By: Daniel Reynolds
There are those who are quick to argue it is too early to discuss the Oscar race. It’s still September, they say; we haven’t seen half of the movies in contention, they opine; isn’t there something more important you could be doing, they assert. With TIFF, that venerated Oscar prognostication service (also an international film festival), in the books, I say to those people, calmly but with force: it is never too early.
For the rest of the Oscar season, which includes the rest of 2016, early 2017 and the announcement of the nominations, right up to the air date of the festivities themselves, the Same Page is proud to bring you these monthly power rankings for the award of Best Picture. This is no small matter.
The Oscar race does indeed start here. And we intend on finishing it. Now, the first ever top 10:
On paper, this film should be a lock: passion project, directed by Martin Scorsese, led by Liam Neeson, Adam Driver, and Andrew Garfield. But then you gaze a little harder: a three hour long film involving Jesuit priests and the Japanese in the 17th century that’s been in development on-and-(way)off since 1991? Jay Cocks, who hasn’t written a movie in over a decade, is the scribe? Just last week a release date was finally nailed down, but Scorsese is still nowhere close to finishing the post-production on this one.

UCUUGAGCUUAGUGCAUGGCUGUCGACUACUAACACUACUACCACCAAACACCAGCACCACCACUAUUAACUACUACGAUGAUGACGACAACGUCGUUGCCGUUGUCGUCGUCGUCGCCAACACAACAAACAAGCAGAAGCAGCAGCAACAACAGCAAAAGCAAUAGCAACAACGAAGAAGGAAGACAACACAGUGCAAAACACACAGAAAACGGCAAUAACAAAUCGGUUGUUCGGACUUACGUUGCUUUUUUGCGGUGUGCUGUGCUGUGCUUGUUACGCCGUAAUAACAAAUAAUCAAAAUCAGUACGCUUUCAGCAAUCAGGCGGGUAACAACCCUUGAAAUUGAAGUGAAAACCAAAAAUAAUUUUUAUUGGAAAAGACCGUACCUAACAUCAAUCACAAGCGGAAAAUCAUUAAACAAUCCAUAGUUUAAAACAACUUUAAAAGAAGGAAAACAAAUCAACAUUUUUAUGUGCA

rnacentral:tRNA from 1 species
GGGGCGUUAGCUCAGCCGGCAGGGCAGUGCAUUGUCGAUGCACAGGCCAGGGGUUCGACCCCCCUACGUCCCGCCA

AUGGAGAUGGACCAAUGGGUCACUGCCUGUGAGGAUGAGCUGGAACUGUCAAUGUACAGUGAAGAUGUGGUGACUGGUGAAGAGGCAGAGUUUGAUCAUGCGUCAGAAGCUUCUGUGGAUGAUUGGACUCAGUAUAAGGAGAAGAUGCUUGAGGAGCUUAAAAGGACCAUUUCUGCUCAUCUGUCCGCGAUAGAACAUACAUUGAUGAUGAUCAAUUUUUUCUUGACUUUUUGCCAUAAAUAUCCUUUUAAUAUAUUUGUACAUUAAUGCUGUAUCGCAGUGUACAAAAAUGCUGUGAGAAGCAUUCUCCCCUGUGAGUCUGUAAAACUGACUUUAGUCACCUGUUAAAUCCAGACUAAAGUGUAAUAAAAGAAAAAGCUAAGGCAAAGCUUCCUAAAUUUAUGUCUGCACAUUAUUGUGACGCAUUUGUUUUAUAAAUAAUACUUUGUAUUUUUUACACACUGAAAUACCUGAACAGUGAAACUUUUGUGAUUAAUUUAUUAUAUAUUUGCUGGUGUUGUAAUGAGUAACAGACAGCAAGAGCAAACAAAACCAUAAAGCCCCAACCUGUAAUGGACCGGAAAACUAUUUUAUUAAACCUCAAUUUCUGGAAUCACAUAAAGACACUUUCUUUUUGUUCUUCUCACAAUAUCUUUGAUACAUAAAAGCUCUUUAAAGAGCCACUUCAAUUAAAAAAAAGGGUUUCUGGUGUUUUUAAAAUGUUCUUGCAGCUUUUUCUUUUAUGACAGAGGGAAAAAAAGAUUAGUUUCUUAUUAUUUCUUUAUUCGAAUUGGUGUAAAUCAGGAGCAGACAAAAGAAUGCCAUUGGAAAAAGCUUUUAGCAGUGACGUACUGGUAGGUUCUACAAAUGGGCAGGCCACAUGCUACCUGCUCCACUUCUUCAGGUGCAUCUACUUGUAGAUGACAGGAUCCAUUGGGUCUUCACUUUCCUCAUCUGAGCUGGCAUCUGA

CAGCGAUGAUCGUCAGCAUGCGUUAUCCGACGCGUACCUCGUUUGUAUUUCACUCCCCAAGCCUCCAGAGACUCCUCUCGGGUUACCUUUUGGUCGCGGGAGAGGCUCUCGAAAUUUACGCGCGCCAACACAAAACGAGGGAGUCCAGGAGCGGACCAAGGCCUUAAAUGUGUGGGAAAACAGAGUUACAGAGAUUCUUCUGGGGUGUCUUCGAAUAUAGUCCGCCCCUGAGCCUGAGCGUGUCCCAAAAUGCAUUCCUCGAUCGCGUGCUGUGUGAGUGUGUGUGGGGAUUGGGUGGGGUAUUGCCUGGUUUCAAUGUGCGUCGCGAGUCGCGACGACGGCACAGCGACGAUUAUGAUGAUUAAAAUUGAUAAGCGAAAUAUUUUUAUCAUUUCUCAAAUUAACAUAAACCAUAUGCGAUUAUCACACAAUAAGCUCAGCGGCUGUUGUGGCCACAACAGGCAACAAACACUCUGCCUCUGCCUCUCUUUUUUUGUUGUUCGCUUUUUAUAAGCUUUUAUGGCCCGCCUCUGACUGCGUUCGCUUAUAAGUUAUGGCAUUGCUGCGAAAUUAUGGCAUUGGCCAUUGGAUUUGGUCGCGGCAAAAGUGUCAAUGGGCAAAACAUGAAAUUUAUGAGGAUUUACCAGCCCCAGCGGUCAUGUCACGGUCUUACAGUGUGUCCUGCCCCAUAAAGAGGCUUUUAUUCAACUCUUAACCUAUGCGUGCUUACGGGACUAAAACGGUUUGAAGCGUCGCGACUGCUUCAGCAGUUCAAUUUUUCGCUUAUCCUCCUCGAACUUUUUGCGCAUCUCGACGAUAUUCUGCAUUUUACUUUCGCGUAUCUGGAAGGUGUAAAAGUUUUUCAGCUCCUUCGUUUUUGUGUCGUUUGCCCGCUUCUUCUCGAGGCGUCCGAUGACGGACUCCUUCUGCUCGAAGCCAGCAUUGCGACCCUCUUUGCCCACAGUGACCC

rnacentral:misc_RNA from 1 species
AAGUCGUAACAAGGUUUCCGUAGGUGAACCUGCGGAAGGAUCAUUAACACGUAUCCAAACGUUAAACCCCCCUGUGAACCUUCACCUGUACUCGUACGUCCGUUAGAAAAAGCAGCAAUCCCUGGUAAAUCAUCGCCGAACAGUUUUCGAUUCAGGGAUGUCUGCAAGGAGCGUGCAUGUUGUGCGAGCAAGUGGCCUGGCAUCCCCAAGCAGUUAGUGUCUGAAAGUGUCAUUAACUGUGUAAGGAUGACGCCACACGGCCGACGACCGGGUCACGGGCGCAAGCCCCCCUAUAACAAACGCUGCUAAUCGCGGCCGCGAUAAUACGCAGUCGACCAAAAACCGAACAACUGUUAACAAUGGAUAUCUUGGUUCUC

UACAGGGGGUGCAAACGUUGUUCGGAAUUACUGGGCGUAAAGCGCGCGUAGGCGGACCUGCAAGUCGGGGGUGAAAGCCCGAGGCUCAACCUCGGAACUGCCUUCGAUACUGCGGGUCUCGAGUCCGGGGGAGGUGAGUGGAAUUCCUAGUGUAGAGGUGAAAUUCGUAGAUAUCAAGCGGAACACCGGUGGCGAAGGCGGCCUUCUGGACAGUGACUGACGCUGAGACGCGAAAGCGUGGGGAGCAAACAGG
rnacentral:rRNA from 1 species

So yes, the silence on this film is deafening.
What It Needs: Something — anything — to show some proof of life.
The latest from Denis Villeneuve, who broke into the Oscar discussion with Incendies and never quite went away, looks large scale remarkable. But if we’re being honest, it is difficult to imagine a situation where a movie about aliens visiting Earth will lead anyone to Oscar glory. Yes, even with Amy Adams, Forest Whittaker and Jeremy Renner. Arrival is in the discussion right now, but I suspect, like Villeneuve’s other almost there films — Sicario and Prisoners — it’ll drop out by the end of the year.
What It Needs: To be about aliens less. Good luck with that one.
I, uh, don’t know how to address this. The Birth of a Nation was flying high — it was purchased for an ungodly sum ($17.5 million) and had been rolling as the presumptive favourite for most of 2016. Then a couple of things happened. One, more critics saw it and started questioning its perceived quality, even while acknowledging the film’s important subject matter. And two, actor/director Nate Parker, well…
What It Needs: No easy answer here. I honestly don’t know.
Perhaps I’m bias seeing as how this is the lone movie on this list I’ve actually seen, but Moonlight deserves a shot. Yes, it doesn’t have any big name actors as such. (Though Mahershala Ali is about to break out, Janelle Monae is radiant, and Naomie Harris may snag a nomination for herself.) And Barry Jenkins is not exactly a name director. (Though he was lauded for his debut film Medicine for Melancholy.) But it’s coming-of-age story is actually something quite new, offering powerful and moving images in a painfully contemporary context.